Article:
Joan of Arc was a young farm girl living in France in the early 1400s, near the end of the Hundred Years’ War. At only 13 years old, she claimed to have a vision from God that she would lead the French army to victory against England. She later took part in several battles that seemed to confirm the truth of her claims. However, Joan was executed as a heretic by the Catholic Church—the same church that later elevated her to sainthood. Joan of Arc has since been the subject of many artists and writers, and her story, which is remarkable, has been told in several films.
Joan was the daughter of a man named Jacques d’Arc and his wife, who were farmers living in eastern France. Joan’s family was loyal to the crown, though they lived in an area of France that was populated mainly with Burgundians, who were loyal to the king’s cousin, John the Fearless. France was in turmoil because of conflicts within the royal family, and the country had been split into warring factions. In 1415, Henry V of England took advantage of this turmoil and invaded. In 1424, Joan of Arc claimed to have a vision from God. She said that the archangel Michael, Saint Catherine, and Saint Margaret appeared to her in her father’s garden and told her that the fate of the kingdom rested upon her. The figures in the vision told Joan that she had to drive the English out of France and secure the crown of the Dauphin, Charles VII.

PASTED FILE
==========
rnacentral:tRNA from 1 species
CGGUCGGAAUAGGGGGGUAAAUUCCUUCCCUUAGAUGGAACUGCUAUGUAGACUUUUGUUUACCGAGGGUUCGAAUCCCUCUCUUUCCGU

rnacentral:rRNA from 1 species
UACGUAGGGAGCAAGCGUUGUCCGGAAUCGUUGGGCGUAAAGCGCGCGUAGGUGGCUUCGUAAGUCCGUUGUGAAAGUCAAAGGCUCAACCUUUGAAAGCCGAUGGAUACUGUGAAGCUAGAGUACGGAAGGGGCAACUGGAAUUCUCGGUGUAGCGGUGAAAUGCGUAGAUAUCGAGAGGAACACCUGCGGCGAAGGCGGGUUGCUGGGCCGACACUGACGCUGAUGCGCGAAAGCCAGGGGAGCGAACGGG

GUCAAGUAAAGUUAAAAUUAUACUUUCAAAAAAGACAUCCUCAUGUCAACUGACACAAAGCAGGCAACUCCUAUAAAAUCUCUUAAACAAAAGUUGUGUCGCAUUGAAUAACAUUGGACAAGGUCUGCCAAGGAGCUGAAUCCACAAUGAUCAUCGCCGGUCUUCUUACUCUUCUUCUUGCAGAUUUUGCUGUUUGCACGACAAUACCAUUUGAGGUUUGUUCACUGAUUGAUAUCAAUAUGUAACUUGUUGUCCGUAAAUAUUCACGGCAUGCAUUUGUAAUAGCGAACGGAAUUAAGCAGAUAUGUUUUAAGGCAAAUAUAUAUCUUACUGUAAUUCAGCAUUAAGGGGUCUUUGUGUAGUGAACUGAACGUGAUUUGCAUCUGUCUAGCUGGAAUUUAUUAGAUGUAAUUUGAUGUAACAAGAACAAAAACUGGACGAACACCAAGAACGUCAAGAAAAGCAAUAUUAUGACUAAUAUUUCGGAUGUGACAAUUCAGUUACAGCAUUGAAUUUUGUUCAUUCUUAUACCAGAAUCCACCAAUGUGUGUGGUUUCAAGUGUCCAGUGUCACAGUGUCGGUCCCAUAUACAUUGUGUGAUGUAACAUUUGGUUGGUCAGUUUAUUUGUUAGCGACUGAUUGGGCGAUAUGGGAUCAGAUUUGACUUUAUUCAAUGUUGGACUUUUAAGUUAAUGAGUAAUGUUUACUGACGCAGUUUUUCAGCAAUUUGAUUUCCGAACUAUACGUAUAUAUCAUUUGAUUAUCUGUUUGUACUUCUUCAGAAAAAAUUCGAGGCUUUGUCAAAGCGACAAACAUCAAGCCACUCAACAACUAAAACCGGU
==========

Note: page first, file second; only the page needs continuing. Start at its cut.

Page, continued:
In an astonishing procession of events, Joan went to a commander of the French army and asked for permission to visit the royal French court to deliver her message. She was so convinced of the veracity of her vision that she was not deterred by the commander’s disbelief. She told the court of a military plan that the leaders of the army felt she could only have known by divine revelation, and they began to take her seriously. Over the next several years, Joan of Arc was present at a variety of victorious battles, most notably a siege that ended only nine days after her arrival. Soon, Charles VII rose to the throne.
Joan of Arc was a controversial figure, even in her own lifetime. Some said her visions were from God, and others said they were from demons. Though the king and his armies took great care to test her abilities and character, charges of “cross-dressing” were brought against her because she had disguised herself as a man in battle. This destroyed her reputation as a good Christian, and she was tried as a heretic by the Roman Catholic Church and burned at the stake. She was only 19.
Twenty-five years after her execution, Pope Callixtus III reexamined the case against her, found that the charges were faulty, and proclaimed her an innocent martyr and a saint. Joan of Arc is now one of nine patron saints of France.